This week, I have been on Long Island in New York for the annual convention of the National Conference of Diocesan Vocation Directors (NCDVD). Around 260 Vocation Directors and other vocations personnel, along with leaders of ministries that support vocations promotion and seminary formation, came together for a week of hospitality, fellowship, and fraternity. Over the course of the week, we were joined by two Cardinals (Cardinal Timothy Dolan and Cardinal Edwin O’Brien), over a dozen other bishops, and our most welcome and gracious guest, Archbishop Jorge Carlos Patron Wong, the Secretary for Seminaries for the Vatican’s Congregation for the Clergy. It has been a week of renewal and growth for all of us and a source of solidarity in our shared work of vocations promotion and formation.

Last year was my first time at this annual convention, which also offers a three-day institute for new vocations personnel. I remember coming back from last year’s convention and institute in Dallas with an overwhelming amount of information and new ideas gleaned from hearing about other people’s work and experience in vocations – and several of those ideas were implemented in the Archdiocese of Indianapolis over the past year or influenced our thinking and planning for our vocations ministries. For a new vocation director, the NCDVD convention is an invaluable source of best practices learned from those who have been in this ministry before us.

This year, as I prepare to leave Long Island, I don’t have a long list of new ideas and innovate programs that I am bringing back with me. I’m sure a big part of this is that I am no longer a new vocation director, and I feel more confident and comfortable in this ministry than I did a year ago. But what I do bring back with me to the Archdiocese of Indianapolis is a renewal in fellowship with other Vocation Directors and encouragement in this important ministry for the Church. Much of the time at the convention is spent with other vocation directors from your region – which for me includes the dioceses of Indiana, Illinois, and Wisconsin – a local support and resource network of those who work in neighboring dioceses. Time with the other vocation directors from our region has been some of the most treasured time of these conventions for me personally.

Region VII vocations personnel enjoy dinner together during NCDVD 2014.

But I return to the Archdiocese of Indianapolis also with renewed encouragement and energy for the work of promoting vocations to the priesthood and assisting in the formation of those preparing for priestly ministry. In his keynote talk, Cardinal Edwin O’Brien said that most vocation directors are happy despite the unreasonable expectations placed on them by their bishops, other priests, and the Church at large. They are happy because they are in love with the priesthood. Archbishop Patron Wong from the Vatican’s Office for Seminaries said in his remarks that God calls some priests to be vocation directors so that they will become better priests. Our work in vocations ministry is simply an outgrowth of our identity as priests and our love for the priesthood. All else is secondary. And that is encouraging for us to remember – to be the best vocation director I can be, I simply need to be the best priest I can be.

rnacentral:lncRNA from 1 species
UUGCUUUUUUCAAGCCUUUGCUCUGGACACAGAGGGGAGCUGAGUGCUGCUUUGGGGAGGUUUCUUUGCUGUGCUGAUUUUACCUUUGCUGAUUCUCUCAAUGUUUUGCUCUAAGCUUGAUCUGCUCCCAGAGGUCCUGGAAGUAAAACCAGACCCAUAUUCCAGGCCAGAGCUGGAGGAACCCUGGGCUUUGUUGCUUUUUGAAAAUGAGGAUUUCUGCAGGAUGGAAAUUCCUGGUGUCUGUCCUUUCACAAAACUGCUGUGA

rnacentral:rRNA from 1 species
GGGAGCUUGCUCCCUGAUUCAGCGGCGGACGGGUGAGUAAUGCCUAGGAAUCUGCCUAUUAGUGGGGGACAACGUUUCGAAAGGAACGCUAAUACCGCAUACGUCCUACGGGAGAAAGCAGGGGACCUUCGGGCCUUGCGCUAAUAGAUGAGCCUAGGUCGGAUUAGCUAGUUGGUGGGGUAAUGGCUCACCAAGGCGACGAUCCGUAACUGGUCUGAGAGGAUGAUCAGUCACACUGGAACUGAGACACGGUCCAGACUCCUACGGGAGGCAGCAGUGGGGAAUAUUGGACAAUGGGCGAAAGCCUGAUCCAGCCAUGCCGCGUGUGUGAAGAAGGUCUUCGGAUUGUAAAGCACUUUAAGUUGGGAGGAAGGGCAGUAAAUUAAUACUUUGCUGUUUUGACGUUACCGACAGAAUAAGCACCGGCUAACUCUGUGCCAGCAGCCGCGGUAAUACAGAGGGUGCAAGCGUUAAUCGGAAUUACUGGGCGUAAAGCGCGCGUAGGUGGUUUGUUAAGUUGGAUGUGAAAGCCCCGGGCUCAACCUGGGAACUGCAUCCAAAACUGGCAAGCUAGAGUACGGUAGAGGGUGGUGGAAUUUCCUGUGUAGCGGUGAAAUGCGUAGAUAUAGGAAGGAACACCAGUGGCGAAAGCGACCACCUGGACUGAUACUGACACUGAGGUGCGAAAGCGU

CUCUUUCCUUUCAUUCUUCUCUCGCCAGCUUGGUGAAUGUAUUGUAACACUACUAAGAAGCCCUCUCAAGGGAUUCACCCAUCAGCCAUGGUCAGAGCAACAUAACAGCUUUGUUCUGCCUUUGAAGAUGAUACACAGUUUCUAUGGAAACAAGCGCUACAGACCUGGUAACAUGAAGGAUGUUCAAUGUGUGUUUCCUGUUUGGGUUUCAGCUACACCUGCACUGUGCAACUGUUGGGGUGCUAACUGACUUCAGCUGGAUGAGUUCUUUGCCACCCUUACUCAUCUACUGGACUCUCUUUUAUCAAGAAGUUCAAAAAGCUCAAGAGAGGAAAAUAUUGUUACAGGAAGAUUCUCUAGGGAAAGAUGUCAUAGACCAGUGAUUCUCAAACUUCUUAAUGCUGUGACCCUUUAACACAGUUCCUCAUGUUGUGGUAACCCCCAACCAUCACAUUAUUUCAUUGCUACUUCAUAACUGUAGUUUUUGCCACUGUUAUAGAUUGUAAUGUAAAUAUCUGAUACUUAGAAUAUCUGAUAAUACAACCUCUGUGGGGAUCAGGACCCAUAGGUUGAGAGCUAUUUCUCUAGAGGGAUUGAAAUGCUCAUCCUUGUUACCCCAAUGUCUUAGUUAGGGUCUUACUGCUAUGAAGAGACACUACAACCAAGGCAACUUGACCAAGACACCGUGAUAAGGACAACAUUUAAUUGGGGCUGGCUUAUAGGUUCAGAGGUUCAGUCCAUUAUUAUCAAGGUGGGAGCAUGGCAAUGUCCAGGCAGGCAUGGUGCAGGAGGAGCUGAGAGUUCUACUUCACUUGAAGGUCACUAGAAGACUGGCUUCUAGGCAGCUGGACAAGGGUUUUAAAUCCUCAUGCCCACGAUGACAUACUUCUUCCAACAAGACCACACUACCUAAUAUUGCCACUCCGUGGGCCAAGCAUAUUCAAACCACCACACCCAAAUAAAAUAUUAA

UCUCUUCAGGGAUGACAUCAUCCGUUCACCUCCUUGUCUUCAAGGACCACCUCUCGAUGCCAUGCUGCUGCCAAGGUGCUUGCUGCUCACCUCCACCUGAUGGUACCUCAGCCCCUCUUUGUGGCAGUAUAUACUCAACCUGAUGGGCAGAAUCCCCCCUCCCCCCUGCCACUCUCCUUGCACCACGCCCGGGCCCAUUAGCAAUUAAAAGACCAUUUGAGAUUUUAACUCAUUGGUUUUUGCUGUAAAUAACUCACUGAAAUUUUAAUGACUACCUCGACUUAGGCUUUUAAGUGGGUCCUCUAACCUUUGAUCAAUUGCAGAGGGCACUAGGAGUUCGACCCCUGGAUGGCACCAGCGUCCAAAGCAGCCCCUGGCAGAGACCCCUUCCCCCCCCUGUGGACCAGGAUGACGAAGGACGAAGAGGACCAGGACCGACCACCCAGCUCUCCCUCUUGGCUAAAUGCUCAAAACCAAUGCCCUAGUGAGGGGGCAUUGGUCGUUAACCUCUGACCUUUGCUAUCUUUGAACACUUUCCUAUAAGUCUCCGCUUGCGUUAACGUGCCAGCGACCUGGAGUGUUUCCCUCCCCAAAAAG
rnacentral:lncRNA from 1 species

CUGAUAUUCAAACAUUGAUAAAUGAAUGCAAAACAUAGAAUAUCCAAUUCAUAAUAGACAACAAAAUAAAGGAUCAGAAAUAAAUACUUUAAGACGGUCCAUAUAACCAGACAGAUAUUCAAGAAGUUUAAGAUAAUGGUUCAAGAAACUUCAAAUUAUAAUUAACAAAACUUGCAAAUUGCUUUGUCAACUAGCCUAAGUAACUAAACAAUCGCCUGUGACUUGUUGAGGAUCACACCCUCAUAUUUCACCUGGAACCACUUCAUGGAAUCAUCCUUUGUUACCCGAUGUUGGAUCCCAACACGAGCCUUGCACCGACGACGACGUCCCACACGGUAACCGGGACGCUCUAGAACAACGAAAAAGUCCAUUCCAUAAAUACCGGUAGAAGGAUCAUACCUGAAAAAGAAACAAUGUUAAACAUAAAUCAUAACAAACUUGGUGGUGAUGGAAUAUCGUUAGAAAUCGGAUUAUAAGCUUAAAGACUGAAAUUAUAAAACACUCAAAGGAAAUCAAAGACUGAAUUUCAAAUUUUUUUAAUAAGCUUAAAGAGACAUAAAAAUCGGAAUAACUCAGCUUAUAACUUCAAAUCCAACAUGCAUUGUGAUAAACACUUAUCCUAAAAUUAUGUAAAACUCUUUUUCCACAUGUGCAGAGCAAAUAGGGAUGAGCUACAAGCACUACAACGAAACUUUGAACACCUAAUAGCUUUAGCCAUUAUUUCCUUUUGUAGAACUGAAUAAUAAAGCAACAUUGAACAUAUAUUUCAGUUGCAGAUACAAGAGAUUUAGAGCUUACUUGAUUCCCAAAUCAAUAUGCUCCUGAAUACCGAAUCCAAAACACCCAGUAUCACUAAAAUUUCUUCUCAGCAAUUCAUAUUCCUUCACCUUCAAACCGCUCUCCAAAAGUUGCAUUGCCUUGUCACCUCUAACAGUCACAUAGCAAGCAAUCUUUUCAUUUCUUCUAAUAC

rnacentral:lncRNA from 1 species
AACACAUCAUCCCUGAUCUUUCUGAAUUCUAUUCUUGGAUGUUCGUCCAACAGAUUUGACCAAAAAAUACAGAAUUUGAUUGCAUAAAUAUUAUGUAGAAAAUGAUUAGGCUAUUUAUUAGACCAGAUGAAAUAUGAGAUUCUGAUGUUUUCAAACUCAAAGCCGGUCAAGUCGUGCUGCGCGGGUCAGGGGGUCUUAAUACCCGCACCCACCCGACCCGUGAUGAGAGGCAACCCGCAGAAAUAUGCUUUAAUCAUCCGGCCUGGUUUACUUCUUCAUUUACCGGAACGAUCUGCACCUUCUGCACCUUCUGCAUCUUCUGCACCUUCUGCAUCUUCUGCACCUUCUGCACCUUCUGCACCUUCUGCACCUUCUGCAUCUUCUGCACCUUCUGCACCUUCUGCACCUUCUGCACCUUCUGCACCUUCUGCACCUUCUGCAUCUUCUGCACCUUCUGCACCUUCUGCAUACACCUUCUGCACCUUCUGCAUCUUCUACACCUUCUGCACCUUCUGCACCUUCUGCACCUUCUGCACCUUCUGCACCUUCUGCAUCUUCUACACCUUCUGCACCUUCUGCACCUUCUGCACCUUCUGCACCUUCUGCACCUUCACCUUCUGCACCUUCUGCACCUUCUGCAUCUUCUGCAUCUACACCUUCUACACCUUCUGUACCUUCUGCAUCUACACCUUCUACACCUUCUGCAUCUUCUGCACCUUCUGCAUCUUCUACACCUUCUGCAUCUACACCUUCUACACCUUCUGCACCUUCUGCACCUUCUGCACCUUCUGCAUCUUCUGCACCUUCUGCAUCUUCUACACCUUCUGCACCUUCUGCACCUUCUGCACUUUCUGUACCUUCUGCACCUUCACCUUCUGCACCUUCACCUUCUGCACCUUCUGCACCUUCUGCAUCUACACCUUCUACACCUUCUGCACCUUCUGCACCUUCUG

Last night, after the closing banquet, four vocation directors from our region sat down around a table in the hospitality room – myself and the vocation directors from Lafayette-in-Indiana, Green Bay and Milwaukee. We were soon joined by vocation directors from San Francisco and Orange in California, and an associate vocation director from Superior, Wisconsin. We laughed, we shared stories, we looked at drafts of our respective diocese’s annual seminarian posters, and we enjoyed one another’s company. For Rose Sullivan, the Executive Director of NCDVD, the hallmarks of our annual convention are hospitality, formation, and fraternity. Sitting around that table last night, that’s what we had, in sharing the joy of the priesthood with brother priests. I love being a priest. And I love being a vocation director. And those two things go together.

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